August 22, 2021 · 5:52 p.m.
This summer has mostly been a bunch of non-fiction reading for me. Thomas Harding’s blood on the page It’s one of the most unique and interesting real-life crime books I’ve ever found. Photographer, writer and playwright George Bernard Shaw, an 86-year-old Allan Chappelow, was killed in June 2006 when he was beaten to death in his home in Hampstead, north London. It took police three days to find his body buried under four feet of paper. Harding describes Chappelow’s life, the investigation into his death, and the antecedents of the main suspect, Wang Yam, a Chinese dissident. The last part of the book contains the murder trial of Yam, the first to be held in modern British history. camera – that is, completely secret in the press without reporting the defense case. Speculation that such a trial was held is still completely banned. Despite the obvious limitations of this, Harding makes good use of the available background material to create an engaging account of a truly bizarre and unique case.
Prisoners of Geography, by Tim Marshall It’s a book I’ve been wanting to read since I attended the Chiswick Book Festival’s Marshall Flag Conference in 2016, and it’s one of the most interesting events I’ve ever been to. There are relatively few books on geopolitics aimed at the general reader, and this works hard to explain how the geographies, natural resources, climates, lands, populations, and boundaries of different countries have a strategic impact on international relations. . Donald Trump’s presidency, the Brexit referendum and the global pandemic have occurred since the first release of ‘Prisoners of Geography’ in 2015, but otherwise almost all of its content is relevant even though it is not yet fully up to date. For example, the Afghanistan section has been a useful background reading in the context of recent events in the region. I’m looking forward to reading the recently published sequel to ‘The Power of Geography’.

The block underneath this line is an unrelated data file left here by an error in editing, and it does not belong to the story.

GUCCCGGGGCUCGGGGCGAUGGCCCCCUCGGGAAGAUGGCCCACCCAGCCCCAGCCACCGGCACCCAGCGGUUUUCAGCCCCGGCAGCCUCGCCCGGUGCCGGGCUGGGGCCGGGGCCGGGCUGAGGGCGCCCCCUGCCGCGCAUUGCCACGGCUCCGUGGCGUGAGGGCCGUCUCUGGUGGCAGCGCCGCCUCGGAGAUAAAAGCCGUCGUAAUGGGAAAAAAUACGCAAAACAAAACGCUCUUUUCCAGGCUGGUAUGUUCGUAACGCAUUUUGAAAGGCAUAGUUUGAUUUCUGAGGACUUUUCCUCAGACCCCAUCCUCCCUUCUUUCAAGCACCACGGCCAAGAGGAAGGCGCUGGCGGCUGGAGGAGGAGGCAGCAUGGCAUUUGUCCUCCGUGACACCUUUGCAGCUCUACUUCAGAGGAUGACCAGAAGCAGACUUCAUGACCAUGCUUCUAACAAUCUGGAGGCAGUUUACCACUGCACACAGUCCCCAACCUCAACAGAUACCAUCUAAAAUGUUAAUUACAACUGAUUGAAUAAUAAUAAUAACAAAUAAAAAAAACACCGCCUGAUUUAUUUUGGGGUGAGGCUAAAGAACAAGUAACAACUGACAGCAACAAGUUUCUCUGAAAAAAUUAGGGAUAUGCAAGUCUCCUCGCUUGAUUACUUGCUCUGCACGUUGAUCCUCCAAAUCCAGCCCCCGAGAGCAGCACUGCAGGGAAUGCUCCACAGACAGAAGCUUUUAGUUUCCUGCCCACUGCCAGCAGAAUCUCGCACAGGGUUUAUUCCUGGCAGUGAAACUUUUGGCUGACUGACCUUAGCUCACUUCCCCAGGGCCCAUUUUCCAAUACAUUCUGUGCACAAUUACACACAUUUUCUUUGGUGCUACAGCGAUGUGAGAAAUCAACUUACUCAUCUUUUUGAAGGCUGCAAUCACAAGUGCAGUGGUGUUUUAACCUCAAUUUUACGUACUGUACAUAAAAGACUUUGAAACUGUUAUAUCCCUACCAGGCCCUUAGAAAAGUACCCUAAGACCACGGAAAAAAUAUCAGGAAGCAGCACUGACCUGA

Dani Shapiro’s legacy the author is a memoir about finding out in 2016 that his father was not his biological father after sending his DNA sample on a whim to Ancestry.com. The results showed that Shapiro was 52% Ashkenazi Jew and 48% European (French, English, Irish, German), 48% half of whom could not be explained European. Her memoir reflects on her Jewish identity — she grew up in a New Jersey Orthodox Jewish family — and reflects difficult ethical dilemmas about privacy in these matters. Since his parents were not alive, the search for Shapiro’s answers is not entirely easy. An interview with his mother a few years ago revealed that he was born in a fertility clinic in Philadelphia. Her biological cousin also used Ancestry.com and was able to identify her via Facebook, which meant Shapiro was able to track down her biological father, who donated sperm while working as a 22-year-old medical student at the clinic. In the early 1960s and thought no more, he was assured that he would remain anonymous at the time. We don’t know if any of Shapiro’s parents suspected that the clinic mixed sperm without their permission. Overall, I found this report very moving and thought-provoking, considering that millions of DNA tests have been sold in the United States, and about 2% of them have found a “Parentless Event.” This is to discover that hundreds of thousands of people are not what their biological parents thought they were, which means there are many more to tell in these stories.